Today’s financial advisors understand that they must continue to acquire new client relationships as well as maintain existing relationships in order to survive and thrive in today’s competitive landscape. In fact, when we partner with top advisors to establish critical coaching objectives, top of the list is the need to focus on “client acquisition.” However, there are a number of disconnects we observe on a regular basis. Most significantly however, is the disconnect between the attitude and desire to want to grow (which is always very high) and the actions and commitments that actually make it happen (this…not so much).
Here’s what I’m talking about.
Our firm recently surveyed 1000 highly-successful financial advisors and uncovered the following surprising statistics:
- 62 percent do not track their client acquisition efforts and results.
- 70 percent do not have a clearly-defined “ideal client” profile.
- 72 percent do not have a well-defined value proposition.
- 76 percent do not have client acquisition goals for the coming 12 months.
- 86 percent of financial advisors do not have a distinct and consistent client acquisition strategy.
So…even though most financial advisors know that client acquisition is “Job #1”, the vast majority isn’t doing much about it in an organized, consistent manner.
How can this be? (Actually, this is not that surprising when one considers how difficult it can be to change problematic and corrosive habits.)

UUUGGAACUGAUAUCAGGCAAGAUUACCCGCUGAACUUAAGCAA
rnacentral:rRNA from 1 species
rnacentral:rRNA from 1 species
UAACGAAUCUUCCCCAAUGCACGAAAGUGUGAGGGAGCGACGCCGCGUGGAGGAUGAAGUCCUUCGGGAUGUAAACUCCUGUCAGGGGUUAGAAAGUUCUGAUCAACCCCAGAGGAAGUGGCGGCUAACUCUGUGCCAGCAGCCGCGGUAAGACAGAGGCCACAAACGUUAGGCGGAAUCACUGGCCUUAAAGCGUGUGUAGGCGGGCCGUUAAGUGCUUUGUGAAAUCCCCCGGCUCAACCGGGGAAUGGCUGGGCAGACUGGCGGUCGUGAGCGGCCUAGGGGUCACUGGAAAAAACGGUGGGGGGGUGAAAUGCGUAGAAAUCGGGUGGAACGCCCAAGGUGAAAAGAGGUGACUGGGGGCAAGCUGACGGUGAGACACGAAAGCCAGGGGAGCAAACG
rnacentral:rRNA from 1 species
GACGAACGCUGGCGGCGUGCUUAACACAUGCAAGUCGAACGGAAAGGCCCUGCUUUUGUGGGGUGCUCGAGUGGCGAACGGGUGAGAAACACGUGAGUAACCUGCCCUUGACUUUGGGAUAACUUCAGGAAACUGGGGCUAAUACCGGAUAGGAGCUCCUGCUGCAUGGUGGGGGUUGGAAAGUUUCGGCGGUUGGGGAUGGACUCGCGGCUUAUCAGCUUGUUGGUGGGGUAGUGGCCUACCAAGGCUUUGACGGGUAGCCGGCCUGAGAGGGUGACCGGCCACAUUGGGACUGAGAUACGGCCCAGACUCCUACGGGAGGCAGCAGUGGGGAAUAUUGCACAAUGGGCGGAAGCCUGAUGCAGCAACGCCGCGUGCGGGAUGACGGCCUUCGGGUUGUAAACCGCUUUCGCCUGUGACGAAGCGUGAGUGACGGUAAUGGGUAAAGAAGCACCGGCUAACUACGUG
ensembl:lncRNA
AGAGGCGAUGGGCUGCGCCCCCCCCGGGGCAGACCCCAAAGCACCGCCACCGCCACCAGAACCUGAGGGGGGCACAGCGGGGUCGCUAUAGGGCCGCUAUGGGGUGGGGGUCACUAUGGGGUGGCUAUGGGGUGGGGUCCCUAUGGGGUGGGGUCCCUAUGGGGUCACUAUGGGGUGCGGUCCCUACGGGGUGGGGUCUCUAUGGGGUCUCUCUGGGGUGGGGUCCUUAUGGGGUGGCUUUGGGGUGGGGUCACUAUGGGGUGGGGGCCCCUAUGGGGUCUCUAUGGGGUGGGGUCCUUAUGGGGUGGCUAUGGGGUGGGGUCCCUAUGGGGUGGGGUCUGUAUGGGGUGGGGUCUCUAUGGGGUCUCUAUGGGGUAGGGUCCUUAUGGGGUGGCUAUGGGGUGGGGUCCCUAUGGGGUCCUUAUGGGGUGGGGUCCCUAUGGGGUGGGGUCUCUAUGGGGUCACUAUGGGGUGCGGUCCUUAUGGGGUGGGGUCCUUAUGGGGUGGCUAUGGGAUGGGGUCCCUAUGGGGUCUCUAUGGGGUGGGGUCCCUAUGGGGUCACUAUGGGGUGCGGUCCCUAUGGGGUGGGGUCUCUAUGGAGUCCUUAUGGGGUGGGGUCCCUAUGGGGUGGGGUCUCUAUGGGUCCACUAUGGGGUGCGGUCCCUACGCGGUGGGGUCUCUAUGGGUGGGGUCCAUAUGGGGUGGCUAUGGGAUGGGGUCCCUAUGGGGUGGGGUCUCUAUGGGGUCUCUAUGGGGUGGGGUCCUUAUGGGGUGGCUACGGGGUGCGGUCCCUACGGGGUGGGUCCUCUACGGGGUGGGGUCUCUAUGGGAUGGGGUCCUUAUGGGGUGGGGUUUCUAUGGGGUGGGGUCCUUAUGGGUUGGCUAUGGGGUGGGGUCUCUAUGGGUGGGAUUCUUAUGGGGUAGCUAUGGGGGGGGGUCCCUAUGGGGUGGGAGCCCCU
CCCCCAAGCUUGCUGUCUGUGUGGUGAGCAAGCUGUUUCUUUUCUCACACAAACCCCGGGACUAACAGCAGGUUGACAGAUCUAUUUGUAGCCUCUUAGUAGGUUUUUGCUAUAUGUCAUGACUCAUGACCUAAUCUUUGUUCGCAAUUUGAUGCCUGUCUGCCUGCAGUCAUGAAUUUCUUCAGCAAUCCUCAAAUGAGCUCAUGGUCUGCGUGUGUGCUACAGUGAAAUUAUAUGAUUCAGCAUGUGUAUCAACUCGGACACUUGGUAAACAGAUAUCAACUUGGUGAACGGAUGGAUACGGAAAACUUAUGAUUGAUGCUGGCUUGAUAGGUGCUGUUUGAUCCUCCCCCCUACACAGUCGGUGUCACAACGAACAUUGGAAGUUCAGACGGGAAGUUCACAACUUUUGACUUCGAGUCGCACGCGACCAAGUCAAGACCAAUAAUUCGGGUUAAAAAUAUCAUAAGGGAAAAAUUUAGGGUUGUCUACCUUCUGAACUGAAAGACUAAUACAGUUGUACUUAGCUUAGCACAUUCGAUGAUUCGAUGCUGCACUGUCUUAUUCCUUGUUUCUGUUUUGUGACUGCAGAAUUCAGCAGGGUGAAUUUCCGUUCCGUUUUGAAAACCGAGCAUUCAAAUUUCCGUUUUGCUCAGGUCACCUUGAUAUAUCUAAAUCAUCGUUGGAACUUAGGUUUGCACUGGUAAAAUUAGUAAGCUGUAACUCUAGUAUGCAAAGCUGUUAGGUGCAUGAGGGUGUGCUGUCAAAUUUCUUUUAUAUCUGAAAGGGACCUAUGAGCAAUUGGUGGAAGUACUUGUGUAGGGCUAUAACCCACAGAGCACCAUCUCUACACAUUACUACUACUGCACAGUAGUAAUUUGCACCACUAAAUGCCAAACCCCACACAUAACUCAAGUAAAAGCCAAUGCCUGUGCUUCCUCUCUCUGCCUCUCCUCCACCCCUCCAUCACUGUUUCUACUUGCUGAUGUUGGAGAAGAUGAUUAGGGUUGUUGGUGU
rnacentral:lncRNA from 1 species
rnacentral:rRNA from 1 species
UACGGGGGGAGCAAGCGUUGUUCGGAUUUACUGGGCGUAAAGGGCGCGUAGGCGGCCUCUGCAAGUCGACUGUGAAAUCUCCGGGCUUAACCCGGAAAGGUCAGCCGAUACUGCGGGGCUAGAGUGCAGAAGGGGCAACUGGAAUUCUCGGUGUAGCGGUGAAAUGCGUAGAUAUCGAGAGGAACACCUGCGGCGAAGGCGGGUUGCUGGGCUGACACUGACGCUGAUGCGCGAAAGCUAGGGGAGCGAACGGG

Not so long ago, a medical study revealed the stubborn nature of change…even under the most pressing and dire circumstances. In this study, cardiologists informed their seriously at-risk heart patients that they would likely die if they did not make changes to their personal lives, such as stopping smoking, getting more exercise, eating a healthier diet, etc. Notwithstanding this dire sense of urgency, only one in seven of these patients were able to actually make these changes in their personal behavior.
By our observation, financial advisors who wish to dial up their client acquisition efforts should focus on two areas for improvement:
- Closing the gap between desire and commitment, and,
- Building a Client Acquisition Process using proven financial advisor tools.
“Closing the gap” is where coaching can come into play. Financial advisors who are consistently blocked from following through on their commitments should definitely check with their coach Or if they don’t have a coach, they should consider hiring one.
Building a client acquisition process involves paying attention to the three important components: strategy, tactics, and execution…and using the necessary financial advisor tools that address the important aspects of this process, e.g. clearly defining client acquisition goals, identifying ideal client types, lead generation, pipeline management, etc. (Of course, coaching can help financial advisors to build a process and plan too.)
The good news is that financial advisors who close the gap between desire and commitment, and create their own unique client acquisition process using effective financial advisor tool create sustainable financial advisory practices that serve their clients for many, many years.
Try these strategies from ClientWise: